The super blue blood moon is expected to be a combination of three major lunar events: a blue moon, a supermoon and a total lunar eclipse.
A Blue Moon is rare enough – it only rises once every two-and-a-half years – but the last Blue Moon Total Eclipse tandem was witnessed 150 years ago. Now it is joined by a Supermoon and Blood Moon.
Footage from NASA shows the USA West Coat will be in an advantaged position to catch the initial phase of the super blue blood moon in the early hours of January 31.
NASA said: “A great total lunar eclipse favours the Western US, Alaska and Hawaii and British Columbia on January 31.
The initial phase of the “lunar trifecta” is expected to begin at around 5.51am Eastern time.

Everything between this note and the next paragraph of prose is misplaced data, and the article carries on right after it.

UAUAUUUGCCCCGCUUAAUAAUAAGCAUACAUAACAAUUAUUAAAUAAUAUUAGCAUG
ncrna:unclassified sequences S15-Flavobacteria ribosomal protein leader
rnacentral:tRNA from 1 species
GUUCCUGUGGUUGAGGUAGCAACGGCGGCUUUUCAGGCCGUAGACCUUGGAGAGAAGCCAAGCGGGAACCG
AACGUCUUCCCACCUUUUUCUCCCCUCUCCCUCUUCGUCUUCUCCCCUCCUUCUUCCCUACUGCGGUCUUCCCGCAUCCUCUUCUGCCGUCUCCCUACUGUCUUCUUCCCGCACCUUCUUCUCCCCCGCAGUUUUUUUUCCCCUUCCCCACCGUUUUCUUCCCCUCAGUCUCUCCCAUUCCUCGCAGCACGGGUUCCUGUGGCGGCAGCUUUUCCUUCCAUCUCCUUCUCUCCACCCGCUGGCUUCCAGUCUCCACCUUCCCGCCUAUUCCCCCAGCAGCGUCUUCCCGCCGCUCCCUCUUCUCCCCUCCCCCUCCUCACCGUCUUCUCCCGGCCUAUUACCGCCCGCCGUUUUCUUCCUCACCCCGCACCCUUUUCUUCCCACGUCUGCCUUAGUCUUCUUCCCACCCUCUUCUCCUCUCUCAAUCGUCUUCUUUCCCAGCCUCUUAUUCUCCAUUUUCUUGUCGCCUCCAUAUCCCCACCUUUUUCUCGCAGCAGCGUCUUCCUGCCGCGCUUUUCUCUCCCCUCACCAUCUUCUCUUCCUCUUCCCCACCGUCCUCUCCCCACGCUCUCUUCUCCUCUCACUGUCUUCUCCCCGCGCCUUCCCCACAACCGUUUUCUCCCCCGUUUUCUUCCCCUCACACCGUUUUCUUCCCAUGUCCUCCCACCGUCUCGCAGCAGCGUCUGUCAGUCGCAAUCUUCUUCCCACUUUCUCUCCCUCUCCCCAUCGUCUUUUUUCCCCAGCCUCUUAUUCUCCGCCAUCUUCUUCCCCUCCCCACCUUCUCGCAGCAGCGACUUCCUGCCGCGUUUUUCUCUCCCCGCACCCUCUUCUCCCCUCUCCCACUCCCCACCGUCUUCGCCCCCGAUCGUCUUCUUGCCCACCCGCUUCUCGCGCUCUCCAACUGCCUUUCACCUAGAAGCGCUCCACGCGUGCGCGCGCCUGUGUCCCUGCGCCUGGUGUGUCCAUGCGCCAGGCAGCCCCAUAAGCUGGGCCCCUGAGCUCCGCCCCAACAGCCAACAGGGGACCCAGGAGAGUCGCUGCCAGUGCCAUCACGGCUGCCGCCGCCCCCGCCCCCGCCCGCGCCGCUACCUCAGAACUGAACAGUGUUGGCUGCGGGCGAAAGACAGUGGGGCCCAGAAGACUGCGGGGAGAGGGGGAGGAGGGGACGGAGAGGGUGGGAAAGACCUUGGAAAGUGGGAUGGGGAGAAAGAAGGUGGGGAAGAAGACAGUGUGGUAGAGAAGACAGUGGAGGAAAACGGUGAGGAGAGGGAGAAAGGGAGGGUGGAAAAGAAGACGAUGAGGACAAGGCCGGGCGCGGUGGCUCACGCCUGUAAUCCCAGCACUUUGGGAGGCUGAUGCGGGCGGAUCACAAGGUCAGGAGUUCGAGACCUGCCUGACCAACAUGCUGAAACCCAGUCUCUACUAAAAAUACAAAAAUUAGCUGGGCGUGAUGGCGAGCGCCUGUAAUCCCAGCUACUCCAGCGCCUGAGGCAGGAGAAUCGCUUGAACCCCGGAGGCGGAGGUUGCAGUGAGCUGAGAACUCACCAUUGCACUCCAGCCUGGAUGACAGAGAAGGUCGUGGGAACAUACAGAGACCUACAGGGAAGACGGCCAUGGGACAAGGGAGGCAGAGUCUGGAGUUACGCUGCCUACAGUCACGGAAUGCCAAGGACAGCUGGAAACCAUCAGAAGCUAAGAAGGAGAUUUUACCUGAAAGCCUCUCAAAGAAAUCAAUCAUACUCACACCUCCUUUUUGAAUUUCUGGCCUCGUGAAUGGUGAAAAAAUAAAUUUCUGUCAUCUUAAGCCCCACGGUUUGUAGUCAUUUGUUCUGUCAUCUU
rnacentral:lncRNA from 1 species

The super blue blood moon will also be visible throughout the Pacific Ocean and Australia.
NASA predicts the moon will be close enough to Earth to be categorised as a supermoon while also being the second full month in January.
Passing through Earth’s shadow, the moon will also assume a peculiarly darker tone which will make it appear red to the eye of sky watchers.
NASA program executive Gordon Johnson said: “The best view of the super blue blood moon will be in the West.
“Set your alarm early and go out and take a look.”
Mr Johnson continued: “Your best opportunity if you leave in the East is to head outside about 6.45 am and get to a high place.”
The super blue blood moon will also be visible throughout the Pacific Ocean and Australia: “Australia and the Pacific Ocean are well placed to see a major portion of the eclipse, if not all of it.
“There will be one more lunar eclipse this year but it will be visible only from central Africa and central Asia.”